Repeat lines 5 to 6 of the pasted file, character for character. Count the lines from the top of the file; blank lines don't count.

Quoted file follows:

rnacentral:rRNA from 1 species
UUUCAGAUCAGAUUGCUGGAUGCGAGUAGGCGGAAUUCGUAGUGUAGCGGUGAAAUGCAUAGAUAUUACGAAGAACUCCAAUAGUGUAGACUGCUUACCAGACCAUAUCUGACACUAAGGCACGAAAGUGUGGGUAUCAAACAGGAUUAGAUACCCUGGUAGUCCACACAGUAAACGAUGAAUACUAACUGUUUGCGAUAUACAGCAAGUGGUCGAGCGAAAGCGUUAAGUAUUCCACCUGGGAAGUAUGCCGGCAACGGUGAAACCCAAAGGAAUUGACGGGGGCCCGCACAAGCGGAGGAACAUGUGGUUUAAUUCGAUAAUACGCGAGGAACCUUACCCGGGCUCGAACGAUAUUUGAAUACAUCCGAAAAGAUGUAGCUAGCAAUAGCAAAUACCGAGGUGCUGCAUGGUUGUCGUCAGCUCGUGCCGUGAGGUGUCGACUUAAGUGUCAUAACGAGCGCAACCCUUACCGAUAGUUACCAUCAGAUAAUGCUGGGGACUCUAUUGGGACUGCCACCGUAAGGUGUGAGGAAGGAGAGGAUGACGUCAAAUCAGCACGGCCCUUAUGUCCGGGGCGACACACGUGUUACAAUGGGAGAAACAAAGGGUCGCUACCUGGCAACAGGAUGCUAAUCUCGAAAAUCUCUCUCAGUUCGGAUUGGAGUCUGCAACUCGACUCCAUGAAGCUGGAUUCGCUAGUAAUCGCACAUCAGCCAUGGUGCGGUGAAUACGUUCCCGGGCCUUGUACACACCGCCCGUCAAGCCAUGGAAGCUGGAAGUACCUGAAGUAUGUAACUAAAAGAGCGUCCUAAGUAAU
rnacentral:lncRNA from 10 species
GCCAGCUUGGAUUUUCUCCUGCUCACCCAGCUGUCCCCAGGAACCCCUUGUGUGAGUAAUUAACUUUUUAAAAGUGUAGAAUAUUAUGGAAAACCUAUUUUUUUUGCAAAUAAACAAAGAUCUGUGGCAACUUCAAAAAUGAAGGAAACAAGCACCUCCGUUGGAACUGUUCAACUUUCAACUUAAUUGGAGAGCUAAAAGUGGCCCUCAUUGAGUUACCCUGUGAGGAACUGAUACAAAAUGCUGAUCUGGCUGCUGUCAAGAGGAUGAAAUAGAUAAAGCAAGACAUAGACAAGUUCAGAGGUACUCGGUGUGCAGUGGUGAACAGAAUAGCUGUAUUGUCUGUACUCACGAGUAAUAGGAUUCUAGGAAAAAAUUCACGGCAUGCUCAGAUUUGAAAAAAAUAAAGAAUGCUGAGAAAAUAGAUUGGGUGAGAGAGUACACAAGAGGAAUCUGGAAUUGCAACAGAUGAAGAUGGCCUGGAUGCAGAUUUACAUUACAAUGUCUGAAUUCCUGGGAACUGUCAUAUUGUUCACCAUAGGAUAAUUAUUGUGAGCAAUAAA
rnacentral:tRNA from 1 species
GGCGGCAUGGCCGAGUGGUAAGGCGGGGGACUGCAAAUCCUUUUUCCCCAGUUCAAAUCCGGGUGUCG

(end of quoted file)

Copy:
rnacentral:tRNA from 1 species
GGCGGCAUGGCCGAGUGGUAAGGCGGGGGACUGCAAAUCCUUUUUCCCCAGUUCAAAUCCGGGUGUCG